Children are abandoning unhealthy habits, but self-harm is still a worry

Children in Ireland are smoking less, drinking less, and communicating with their parents more, according to the latest State of the Nation’s Children report.

However, many still struggle day to day, with more than one in 10 living in poverty and levels of self-harm high — particularly among girls.

The biennial report looks at a wide variety of aspects of children’s lives, including their physical health, educational experiences, emotional well-being, and the support structures they have among family and friends.

This latest edition, which runs to 264 pages, shows that the number of under-18s here is on the increase, growing almost 18% between 2006 and 2016. 

The child population among Travellers and foreign nationals grew most — by 30% and 50% respectively.

Among the findings are that children are abandoning unhealthy habits and are nearing the top of a World Health Organisation league for daily physical activity.

The percentage of children who reported smoking every week fell by half from 11.6% in 2006 to 5.3% in 2014, while those who reported never having smoked rose from 60% in 2002 to 84% in 2014.

Alcohol consumption also fell with the percentage who reported being drunk at least once in the previous month declining from 18% to 10% between 2010 and 2014, while those who said they had never had a drink rose from 47% to 58% between 2006 and 2014.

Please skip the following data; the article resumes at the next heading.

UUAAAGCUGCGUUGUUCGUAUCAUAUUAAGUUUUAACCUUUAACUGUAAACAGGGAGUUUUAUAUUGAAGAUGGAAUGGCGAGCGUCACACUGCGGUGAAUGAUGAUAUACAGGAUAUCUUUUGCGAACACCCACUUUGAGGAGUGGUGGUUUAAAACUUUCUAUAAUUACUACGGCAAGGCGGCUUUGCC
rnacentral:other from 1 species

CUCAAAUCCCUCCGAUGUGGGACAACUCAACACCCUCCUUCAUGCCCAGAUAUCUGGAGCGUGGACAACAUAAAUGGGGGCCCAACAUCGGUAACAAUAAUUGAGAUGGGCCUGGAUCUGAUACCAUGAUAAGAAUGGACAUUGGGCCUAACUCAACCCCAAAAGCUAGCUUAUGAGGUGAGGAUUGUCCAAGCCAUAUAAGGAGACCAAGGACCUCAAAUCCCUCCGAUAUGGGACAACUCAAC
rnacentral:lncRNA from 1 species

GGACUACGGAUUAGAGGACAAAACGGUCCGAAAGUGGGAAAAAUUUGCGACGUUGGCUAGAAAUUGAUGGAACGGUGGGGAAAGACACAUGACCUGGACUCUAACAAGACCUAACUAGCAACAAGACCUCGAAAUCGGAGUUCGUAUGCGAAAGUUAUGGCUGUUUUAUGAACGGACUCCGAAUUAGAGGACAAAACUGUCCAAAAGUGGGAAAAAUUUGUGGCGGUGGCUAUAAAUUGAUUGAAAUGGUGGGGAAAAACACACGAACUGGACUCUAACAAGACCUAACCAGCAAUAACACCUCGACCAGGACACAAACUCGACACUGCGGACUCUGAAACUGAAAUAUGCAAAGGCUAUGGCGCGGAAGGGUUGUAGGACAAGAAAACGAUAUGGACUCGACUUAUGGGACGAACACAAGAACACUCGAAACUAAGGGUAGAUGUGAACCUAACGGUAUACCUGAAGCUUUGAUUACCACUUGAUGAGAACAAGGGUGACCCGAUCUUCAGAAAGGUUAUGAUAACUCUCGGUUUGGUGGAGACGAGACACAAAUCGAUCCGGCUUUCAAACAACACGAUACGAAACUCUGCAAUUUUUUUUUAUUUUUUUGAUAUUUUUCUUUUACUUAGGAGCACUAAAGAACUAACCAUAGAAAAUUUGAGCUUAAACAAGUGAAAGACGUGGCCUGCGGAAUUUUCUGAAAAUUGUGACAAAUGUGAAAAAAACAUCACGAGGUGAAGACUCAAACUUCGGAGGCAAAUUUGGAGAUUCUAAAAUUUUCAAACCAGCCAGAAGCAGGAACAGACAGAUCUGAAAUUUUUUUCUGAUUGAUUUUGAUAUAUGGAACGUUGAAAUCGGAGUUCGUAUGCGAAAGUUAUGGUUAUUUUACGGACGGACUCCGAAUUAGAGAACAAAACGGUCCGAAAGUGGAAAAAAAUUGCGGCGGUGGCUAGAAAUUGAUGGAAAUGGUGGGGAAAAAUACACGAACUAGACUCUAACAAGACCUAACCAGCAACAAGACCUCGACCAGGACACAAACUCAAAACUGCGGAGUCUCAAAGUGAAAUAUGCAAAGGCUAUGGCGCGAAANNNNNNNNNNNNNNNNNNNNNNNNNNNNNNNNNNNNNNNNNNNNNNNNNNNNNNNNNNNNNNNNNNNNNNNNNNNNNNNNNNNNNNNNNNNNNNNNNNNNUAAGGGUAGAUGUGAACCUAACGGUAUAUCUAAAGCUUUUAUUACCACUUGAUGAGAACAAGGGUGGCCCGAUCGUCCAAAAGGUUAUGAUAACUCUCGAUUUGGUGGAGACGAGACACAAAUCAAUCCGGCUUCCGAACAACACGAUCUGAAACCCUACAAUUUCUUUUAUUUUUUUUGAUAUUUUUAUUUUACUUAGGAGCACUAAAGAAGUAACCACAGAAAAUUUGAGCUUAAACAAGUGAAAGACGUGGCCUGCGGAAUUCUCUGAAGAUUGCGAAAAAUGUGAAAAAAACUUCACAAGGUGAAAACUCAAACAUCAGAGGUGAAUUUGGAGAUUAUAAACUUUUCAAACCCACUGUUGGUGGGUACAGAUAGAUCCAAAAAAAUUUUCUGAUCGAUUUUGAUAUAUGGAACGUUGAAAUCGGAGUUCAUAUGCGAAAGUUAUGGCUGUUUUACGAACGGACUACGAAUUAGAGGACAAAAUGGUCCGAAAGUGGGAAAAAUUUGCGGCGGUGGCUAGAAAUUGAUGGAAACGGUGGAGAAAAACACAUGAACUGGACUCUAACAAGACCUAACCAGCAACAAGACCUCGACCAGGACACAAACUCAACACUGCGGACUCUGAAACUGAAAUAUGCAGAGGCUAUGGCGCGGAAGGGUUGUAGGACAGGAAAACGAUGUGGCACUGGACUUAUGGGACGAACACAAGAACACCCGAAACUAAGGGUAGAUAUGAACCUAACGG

Cannabis use almost halved in the same period, dropping from 15.7% to 8.8%.

Public health messages about sugary soft drinks seem to be working with the percentage aged 10-17 who reported drinking them at least once a day falling from 26% to 12.6%.

Regarding emotional health, children are opening up to parents more. Almost 83% said it was easy to talk to their mother when something was bothering them compared to 78% in 2002, and there was an increase from 56% to 70% in the percentage who could say the same about their father.

However, while nine out of 10 children said they were happy as they were, that figure plummeted to three out of 10 for girls aged 15-17, while Traveller children, foreign nationals, and those with disabilities or chronic illness also struggled more to accept themselves.

Two and a half times as many girls as boys presented at emergency departments following self-harm, and 14 children aged 10-17 died by suicide in 2015.

A little more than 11% of all children were found to be in consistent poverty and 18.6% were classified as being at risk of poverty.

Children’s Minister Katherine Zappone said the finding caused her concern.

“I believe this to be unacceptable. The reduction of child poverty is a priority of mine,” she said.

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